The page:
Monday, October 18, 2010

Prop on Pot

Here in California, ballot propositions grow like weeds. You may remember our infamous "stop the gays from marrying" prop from 2008. If you love something or hate something, you can try to legalize it, outlaw it, regulate it, or tax it with a proposition. Over 90 were filed with California election officials or proposed in the State Legislature for 2010. Nine will be on the November 2 ballot.

Of course, before I vote, I always do my homework. I study the pros and cons and try to read the actual bill if it's not too daunting. But the one proposition I'm already schooled in is Proposition 19: The Regulate, Control and Tax Cannabis Act of 2010.
Official summary:

Allows people 21 years old or older to possess, cultivate, or transport marijuana for personal use. Permits local governments to regulate and tax commercial production and sale of marijuana to people 21 years old or older. Prohibits people from possessing marijuana on school grounds, using it in public, smoking it while minors are present, or providing it to anyone under 21 years old. Maintains current prohibitions against driving while impaired.

Summary of estimated fiscal impact:

Savings of up to several tens of millions of dollars annually to state and local governments on the costs of incarcerating and supervising certain marijuana offenders. Unknown but potentially major tax, fee, and benefit assessment revenues to state and local government related to the production and sale of marijuana products.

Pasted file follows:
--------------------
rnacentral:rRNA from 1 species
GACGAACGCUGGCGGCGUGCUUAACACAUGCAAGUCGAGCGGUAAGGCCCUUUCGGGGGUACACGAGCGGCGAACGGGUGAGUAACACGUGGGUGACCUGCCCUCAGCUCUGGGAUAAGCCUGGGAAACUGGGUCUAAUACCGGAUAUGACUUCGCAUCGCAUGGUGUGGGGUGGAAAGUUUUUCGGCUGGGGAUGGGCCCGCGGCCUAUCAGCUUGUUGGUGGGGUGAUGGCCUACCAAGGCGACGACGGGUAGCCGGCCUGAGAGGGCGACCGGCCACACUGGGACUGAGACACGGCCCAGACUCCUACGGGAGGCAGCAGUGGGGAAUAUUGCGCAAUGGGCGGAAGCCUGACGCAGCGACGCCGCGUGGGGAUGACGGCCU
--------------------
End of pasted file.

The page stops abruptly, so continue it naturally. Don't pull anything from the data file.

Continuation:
The list of people and organizations endorsing prop 19 is quite diverse, and don't forget about the Facebook billionaire who donated $50,000 in support.

So, with so many voices agreeing with my own pro-legalization views, why do I still feel so anti-establishment? Because marijuana will still be illegal by federal law. And Attorney General Eric Holder doesn't want us to forget that:
We will vigorously enforce the CSA against those individuals and organizations that possess, manufacture or distribute marijuana for recreational use, even if such activities are permitted under state law.
I get it. Holder is committed to the enforcement of federal laws. And maybe some people will be impressed that the administration is preemptively acting tough and warning the liberal entrepreneurs to not get brazen when setting up shop. But if he thinks he's going to send in loads more DEA goons to pick up the slack in enforcement, well... I don't think sensational raids and photo-ops will impress anybody.

I'm voting yes on Prop 19. We'll see what happens. Simple possession of marijuana in California is now only a $100 infraction thanks to the governator, but we still need to take a bolder step. Maybe other states will follow? Maybe this ill-conceived war on drugs will finally end.

1 comment:

pinkpackrat said...

I'm with you-- legalize it, regulate it, tax it, and forget it. Brings in money, empties the jails, and ruins the business of the Mexican drug cartels-- what's not to like? California would benefit more than most states.